JBoss Eclipse – How to create a JSF 2.0 application

Eclipse is the most used software development environment. Lots of specific plugins are available for JBoss products, however also with the minimal Eclipse Enterprise set you can easily build Java EE 6 applications.

In this tutorial we will show how to configure and create a JSF 2.0 application on JBoss AS 6 using Eclipse 3.6.0 IDE (Helios) in a matter of minutes.

In order to run this example you need to download a copy of Eclipse Java Enterprise edition from http://www.eclipse.org

A JSF application can be created from a Dynamic Web Project. Reach the Menu: New | Other | Web | Dynamic Web Project

jboss eclipse tutorial jsf 2

Select the Target runtime pointing to your JBoss 6 installation (JBoss 6 is not included in the server list, however by choosing JBoss 5 will work as well). Now click on the “Modify” button, near the Configuration option.

In the next screen you have to enable the JSF 2.0 facet so that Eclipse will add JSF configuration file and will enable JSF facilities (code completion in JSF pages).


If you have got an earlier version of Eclipse you will find just Java Server Faces 1.1 available. That’s not a big issue- the only thing you have to change is the faces-config.xml heading which needs to specify you are using JSF 2.0

Accept the next screen settings. Finally in the JSF Capabilities window you have to point out where JSF libraries are located. Choose the “Manage Library” button and create a New User Library containing JSF 2.0 libs.

jboss eclipse jsf 2.0 tutorial

Where are located JSF libraries on JBoss AS 6 ?

They are placed in your <server>\deployers\jsf.deployer. There you will
find several JSF implementation- basically you can opt between Mojarra-1.2 (JSF 1.2) and Mojarra-2.0 (JSF 2.0). By default JBoss 6 uses Mojarra-2.0.

Here’s a sample HelloWorld application which can be used to test your JSF 2.0 environment.
Add a sample.xhtml page to your Web content.

<!DOCTYPE html PUBLIC "-//W3C//DTD XHTML 1.0 Transitional//EN" 

<html xmlns="http://www.w3.org/1999/xhtml"


 <h:form id="helloForm">
 <h:outputText value="#{person.prompt}" />

 <h:inputText id="name" value="#{person.personName}" />
 <h:commandButton value="go" action="#{person.doSomething}" />


An this is the corresponding Managed Bean (notice we declare it using a simple @ManagedBean annotation). The expected result is to uppercase the text contained in the field personName.

package sample;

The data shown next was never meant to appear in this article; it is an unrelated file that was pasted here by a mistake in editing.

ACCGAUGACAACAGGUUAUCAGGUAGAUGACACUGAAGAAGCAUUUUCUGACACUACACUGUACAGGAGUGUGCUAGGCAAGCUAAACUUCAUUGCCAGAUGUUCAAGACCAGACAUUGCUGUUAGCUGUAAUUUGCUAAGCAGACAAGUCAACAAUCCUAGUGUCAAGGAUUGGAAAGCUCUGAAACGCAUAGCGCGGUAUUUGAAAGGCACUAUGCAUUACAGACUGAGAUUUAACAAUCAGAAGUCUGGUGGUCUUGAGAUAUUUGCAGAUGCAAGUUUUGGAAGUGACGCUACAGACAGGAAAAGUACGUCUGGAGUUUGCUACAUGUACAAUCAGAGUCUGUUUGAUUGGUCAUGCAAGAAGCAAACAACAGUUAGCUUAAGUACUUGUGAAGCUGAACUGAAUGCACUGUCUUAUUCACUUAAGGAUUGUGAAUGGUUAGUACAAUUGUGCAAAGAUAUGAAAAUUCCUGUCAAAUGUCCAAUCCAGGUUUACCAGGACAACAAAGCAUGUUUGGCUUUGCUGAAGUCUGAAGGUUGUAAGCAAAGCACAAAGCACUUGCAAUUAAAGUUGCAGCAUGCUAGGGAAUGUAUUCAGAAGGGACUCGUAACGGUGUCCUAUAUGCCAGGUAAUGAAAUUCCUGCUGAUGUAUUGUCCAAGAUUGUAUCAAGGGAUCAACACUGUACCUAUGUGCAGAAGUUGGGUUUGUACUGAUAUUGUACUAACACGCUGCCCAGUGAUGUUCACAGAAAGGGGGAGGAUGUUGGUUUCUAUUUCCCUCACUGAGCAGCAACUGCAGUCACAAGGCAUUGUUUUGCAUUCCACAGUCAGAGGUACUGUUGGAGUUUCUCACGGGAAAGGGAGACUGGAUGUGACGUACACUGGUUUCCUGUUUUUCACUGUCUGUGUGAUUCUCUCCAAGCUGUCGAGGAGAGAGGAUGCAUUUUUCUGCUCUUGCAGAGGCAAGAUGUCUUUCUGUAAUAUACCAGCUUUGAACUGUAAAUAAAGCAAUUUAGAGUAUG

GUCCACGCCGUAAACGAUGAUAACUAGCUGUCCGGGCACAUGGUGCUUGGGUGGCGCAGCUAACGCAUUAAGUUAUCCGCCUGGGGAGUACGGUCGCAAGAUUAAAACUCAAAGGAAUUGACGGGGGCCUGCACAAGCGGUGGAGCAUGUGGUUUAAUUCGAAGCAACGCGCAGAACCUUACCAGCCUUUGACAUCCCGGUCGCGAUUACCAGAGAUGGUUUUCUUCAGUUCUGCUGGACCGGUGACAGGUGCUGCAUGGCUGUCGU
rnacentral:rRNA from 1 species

import javax.faces.bean.ManagedBean;
import javax.faces.bean.RequestScoped;


public class PersonBean {

 String personName;
 String prompt;

 public PersonBean() {
 this.prompt="Enter your name please";

 public String getPrompt() {
 return prompt;

 public void setPrompt(String prompt) {
 this.prompt = prompt;

 public String getPersonName() {
 return personName;

 public void setPersonName(String name) {
 personName = name;
 public void doSomething() {
 personName= personName.toUpperCase();


And now some specific questions about JSF and JBoss.

Question: How can I use JSF 1.2 with JBoss 6 ?

You can at any time switch to JSF 1.2 implementation by adding in your web.xml file


Question: do I need to specify anything related to JSF in my web.xml ?
It’s not required anymore in JBoss 6. Since JBoss 6 a Web application is JSF 2.0 compliant if you have either:

  • A faces-config.xml file is found in WEB-INF
  • A faces-config.xml file is found in META-INF of some jar in WEB-INF/lib

Or if you set to true the following property into <server>\deployers\jsf.deployer\META-INF\jsf-integration-deployer-jboss-beans.xml

<property name="alwaysAddJSF">true</property>

Question: Should I deploy my Web application with JSF libs ?
No, you shouldn’t. However there are some scenarios where you might want to bundle JSF libs with your WAR.  For instance, you might have an old JSF application that uses MyFaces and you don’t want to retest your app on a new JSF implementation.  In that case, you can bundle the JSF implementation with your WAR and add this to your web.xml:


This will cause JBoss to ignore the built-in JSF implementation as long as you use the default classloader settings

References: http://docs.jboss.org/jbossas/6/JSF_Guide/en-US/html/index.html